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24 the region but not affected by the clutter fill in the area Create transponder mandatory zones (TMZs) that would of the wind farm by a technique called data fusion on allow SSR to provide full augmentation for primary in-fill radar. Also referred to as a mosaic radar, this can radar. However, TMZs are uncommon at this time. only be accomplished where the primary radar can selec- Consider a model program where airspace over specified tively turn off specific areas, there is a supplemental radar wind farms is restricted to transponder carrying aircraft. coverage to provide in-fill, and the two radar systems can be pieced together and displayed. WIND TURBINE IMPACT EXAMPLES Improve radar coverage for areas where low-level radar coverage is not required through physical or terrain Several examples are provided here to illustrate wind turbine masking. This would necessitate moving the radar facility impacts and how they were addressed. to a higher elevation or constructing a man-made struc- ture to create an artificial radar horizon. Planning this type of mitigation would require detailed study to ensure Travis Air Force Base--Fairfield, California that the proposed design would resolve the interference issues. Furthermore, this masking technique would Three wind energy development companies are proposing to only be appropriate if some loss of radar coverage in construct a combined 142 wind turbines in Solano County, the area would be acceptable. California. The area currently supports 833 turbines, with Use radar absorbent materials on WTG towers and the closest structure located 4.65 nautical miles southeast of nacelles to reduce the radar cross section of the struc- Travis Air Force Base (TAFB). The 60th Air Mobility Wing ture that produces clutter. However, materials for use (AMW) at TAFB expressed concern that the proposed tur- on blades has not been effectively developed, which bines could interfere with the base's ability to provide safe is particularly problematic because the blades caused and efficient air traffic services to aircraft operating in the the greatest amount of interference. vicinity of the projects. In particular, the AMW focused on Fund research (collaboratively between government and the potential impact caused by wind turbines on the terminal industry) on technical mitigation that collects additional surveillance radar used by air traffic controllers to provide information of existing wind turbine affects, designs radar services to aircraft (Solano County 2010). parameters for gap-filler radar, characterizes wavelengths used in current radar systems to reduce signatures, and The airspace over the project area is complex and includes operations from Buchanan Field, located in Concord, and Rio advances software processing. Vista Municipal Airport (O88), as well as IFR traffic between Develop new and modified radar facilities. For example, the Sacramento and Oakland. The airspace is designated as multi-lateration involves establishing a secondary radar Class E (with the exception of Class D airspace within 5 miles system with a number of strategically located receiver of the AFB), with a floor of 700 ft above ground level. The stations in the area to provide networked radar coverage. airspace does not require radar service, although airspace These receiving stations would identify aircraft equipped in the area is safer and more efficient as a result of TAFB's with transponders and calculate their location through enhanced capabilities [Digital Airport Surveillance Radar triangulation based on the data collected from multiple model-11 (DASR-11), state-of-the-art terminal surveillance locations. This type of system is a more basic and in- radar], which became operational in February 2009. expensive form of a SSR system that might be employed today. In moving to resolve potential issues of concern, the U.S. Create non-auto-initiation zones (NAIZs) with some Transportation Command (parent to the 60th AMW) entered advanced primary radar plots that filter out tracks cre- into a Cooperative Research and Development Agreement ated by the wind turbines while not filtering out tracks (CRADA) with the three wind energy companies, with the characteristic of aircraft. The problem with a NAIZ is objective of determining the "projected impact of wind turbine that although the wind turbine tracks are not displayed, development upon air traffic operations near TAFB" (U.S. the false returns still exist and, depending on frequen- Transportation Command 2010). Other parties of the CRADA cies, could affect the display of nearby aircraft tracks were the U.S. Air Force Flight Standards Agency and the producing incorrect information. Furthermore, aircraft Idaho National Laboratory. Under the CRADA, three specific gaining elevation from low altitudes and emerging into tasks would be completed: (1) obtain reliable, objective data and above an established NAIZ will not be picked up by to assess current air traffic operational radar coverage in the radar until above the NAIZ, which is the primary reason TAFB area; (2) run a simulation to assess the predicted air traf- why NAIZs are generally discouraged. fic operational impact potentially caused by proposed wind Use advanced tracking algorithms to take advantage turbine development; and (3) assess the operational impact on of high-speed computer processing capabilities to con- the TAFB air traffic control areas of Shiloh III, Montezuma duct nontraditional aircraft tracking and data filtering. Wind, and Solano Wind Phase 3 wind projects. Although promising, the accuracy of the analytical methods has yet to be fully tested and there may still be A working group evaluated both baseline (data recorded in a risk of error. October 2009 from TAFB) and simulation data. The overall

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25 result of this work indicated that the construction and opera- between acceptable and unacceptable impact, the work- tion of the three identified projects would not reduce the prob- ing group took into consideration the type and frequency ability of detection more than the 5 percentage point margin of operations over the area to determine a level of degra- identified by the working group to protect the safety and effi- dation of surveillance coverage that would meet the oper- ciency of operations in proximity to the area. The following ational needs of the Air Force. Additionally, the working issues were considered when making this determination: group considered what services would be lost as a result of that degradation and determined that in the best inter- There would be no impact on aircraft utilizing active est of safety and the efficiency of air traffic operations, transponders or transponder-equipped VFR aircraft an average degradation not greater than 5 percentage because wind turbines do not impact secondary radar points below the established baseline values (current signals. performance) of the probability of detection would be Because the FAA established a minimum level of safety acceptable. for Class E airspace that does not require surveillance coverage, degradation of radar coverage caused by wind turbines would not result in a reduction of safety below Heritage Aviation, Burlington, Vermont the minimum standard set by the FAA. However, because radar coverage exists, and that radar coverage increases Heritage Aviation of Burlington, Vermont, erected a 130-ft the safety and efficiency of operations within the air- WTG on airport property that it leases from the Burlington space, degradation of service caused by the wind tur- International Airport (BTV) to generate electricity for its bines could decrease the overall safety and efficiency hangar and facilities (see Figure 18). As part of the project of operations. Therefore, it was necessary to identify approval, Heritage filed a Form 7460 and provided informa- an acceptable level of degradation in radar coverage tion on potential impacts of physical penetration of airspace and, more specifically, the ability to accurately detect and potential impacts on communication systems. nontransponder-equipped aircraft over the area. The number of false targets presently observed by the Westslope Consulting provided an analysis of the potential controllers is expected to be reduced, if not eliminated, impact of the wind turbine on existing Airport Surveillance after a correction to the Standard Terminal Automa- Radar (ASR-11). The physical cross section that might block tion Replacement System (STARS) configuration. (The radar signals and produce false returns was projected to be an STARS system receives data and flight plan information additional 52 ft, given that the existing building height of the and presents the information to air traffic controllers on Heritage hangar is 53 ft and the proposed height of the wind color displays, allowing the controller to monitor and turbine is 98 ft to the top of the tower. The radar impact analy- control air traffic.) This correction was temporarily sis assumed that the cross section of impact was limited to the demonstrated by the working group in December 2009, tower because the blades and nacelle are made of fiberglass- which clearly showed that the use of track eligibility reinforced polyester and the blades are 120 degrees apart and coupled with existing STARS tracking algorithms elim- moving (Westslope 2009). The shadow area is constrained by inated false targets even during significant wind activ- the close distance of the wind turbine and the ASR and because ity over the area. the terrain rises approximately 2 miles beyond the wind turbine. To further assess the level of impact, the working group Using a 6-ft-diameter tower as the obstruction, the shadow considered the number of nonparticipating aircraft likely modeling predicts a cross range of 12 ft directly behind the to be operating at any given time within the lateral lim- tower spreading to 74 ft in width at the hill 2 miles away. The its of the area. Based on the data collection, the number analysis concluded that aircraft would be operating in an envi- of nonparticipating aircraft was estimated to be minimal. ronment in this area because of their need to fly at very low The working group found that approximately 30 primary- altitudes and close to the wind turbine to encounter the radar only flight tracks occurred in October 2009 over the area. Considering all these factors (the airspace classification, operational configuration, air traffic service requirements, and traffic workload), the working group determined that degradation of radar detection resulting from addi- tional wind turbine development in the area could result in a degradation of radar services provided to nonpar- ticipating aircraft; however, given the "see and avoid" requirement, would not constitute a significant degra- dation of air safety. The working group agreed that a minor reduction in probability of detection over the area would not create an unsafe operating environment, but would decrease the safety and efficiency of operations. Because there was no FIGURE 18 Wind turbine at Burlington International Airport, reference point from which to determine the demarcation Vermont (courtesy: Christopher Hill, Heritage Aviation).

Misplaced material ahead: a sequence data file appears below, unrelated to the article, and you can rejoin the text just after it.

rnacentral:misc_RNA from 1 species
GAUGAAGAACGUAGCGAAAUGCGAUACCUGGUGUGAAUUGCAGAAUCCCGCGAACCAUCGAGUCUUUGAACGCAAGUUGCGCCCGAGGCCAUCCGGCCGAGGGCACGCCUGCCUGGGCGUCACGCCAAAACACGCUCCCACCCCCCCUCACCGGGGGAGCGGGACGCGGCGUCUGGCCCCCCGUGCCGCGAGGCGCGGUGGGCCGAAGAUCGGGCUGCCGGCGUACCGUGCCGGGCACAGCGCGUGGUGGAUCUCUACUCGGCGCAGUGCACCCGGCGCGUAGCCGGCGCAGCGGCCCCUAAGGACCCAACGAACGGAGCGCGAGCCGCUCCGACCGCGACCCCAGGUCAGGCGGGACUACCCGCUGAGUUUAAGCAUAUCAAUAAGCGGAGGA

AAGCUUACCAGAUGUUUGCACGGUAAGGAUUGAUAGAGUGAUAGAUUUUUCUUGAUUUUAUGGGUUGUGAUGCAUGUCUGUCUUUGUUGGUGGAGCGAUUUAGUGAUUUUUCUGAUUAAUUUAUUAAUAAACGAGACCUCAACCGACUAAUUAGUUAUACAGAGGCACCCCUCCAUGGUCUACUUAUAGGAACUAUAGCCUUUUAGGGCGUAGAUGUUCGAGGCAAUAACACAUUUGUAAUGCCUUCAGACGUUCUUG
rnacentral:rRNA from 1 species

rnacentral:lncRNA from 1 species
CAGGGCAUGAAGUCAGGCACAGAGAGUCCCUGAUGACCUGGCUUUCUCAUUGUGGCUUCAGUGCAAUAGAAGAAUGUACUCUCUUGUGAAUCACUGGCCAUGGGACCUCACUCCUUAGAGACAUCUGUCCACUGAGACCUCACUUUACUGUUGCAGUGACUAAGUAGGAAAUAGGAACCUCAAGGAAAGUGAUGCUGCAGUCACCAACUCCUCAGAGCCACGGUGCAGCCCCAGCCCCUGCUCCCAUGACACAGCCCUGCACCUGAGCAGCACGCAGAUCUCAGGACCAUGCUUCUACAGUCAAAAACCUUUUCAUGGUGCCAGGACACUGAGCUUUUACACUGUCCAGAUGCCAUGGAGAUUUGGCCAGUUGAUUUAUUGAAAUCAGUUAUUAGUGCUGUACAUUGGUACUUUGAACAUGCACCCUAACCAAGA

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26 shadow cast by the WTG. Furthermore, if an aircraft were to west of the proposed Ivanpah Valley International Airport, pass through the shadow, the detection level would be below a new airport proposed near Las Vegas. The FAA issued a the tolerance level though the modeling report shows the prob- No Hazard Determination for the wind project, which was ability of detection percentage decreasing from 100% to 40% appealed to the U.S. Court of Appeals by Clark County, the in an area approximately one-quarter to one-half of a mile sponsor of the new airport. behind the turbine at turbine height and decreasing at distance. On April 18, 2008, the FAA was ordered to reconsider its FAA approval included clear conditions that the appli- decision to allow the construction of a wind farm near the site cant would be subject to conducting and paying for miti- of the new Las Vegas Airport. The evidence presented indi- gation necessary to address unforeseen degradation to the cated that the turbines would interfere with the airport's ASR-11 system. Specifically, this included ceasing opera- radar systems. Specifically, the court agreed with evidence tion of the wind turbine while mitigation is implemented, presented by an aerospace consultant for the county that each payment for upgrades to the system, and permanent dis- wind turbine would have a radar signature similar to a jumbo mantling of the system at the owner's expense should other jet and that the wind farm would appear on the radar similar mitigation options not succeed (FAA 2009). to a fleet of jumbo jets. The report also stated that the sig- nature could appear and disappear rapidly based on chang- Ivanpah Wind Project ing wind conditions, which would hamper the air traffic controller's ability to control aircraft in the area. The federal A wind energy developer proposed the construction of 83 wind district court determined that the FAA's determination was turbine generators on Table Mountain approximately 10 miles arbitrary and capricious (Clark County 2008).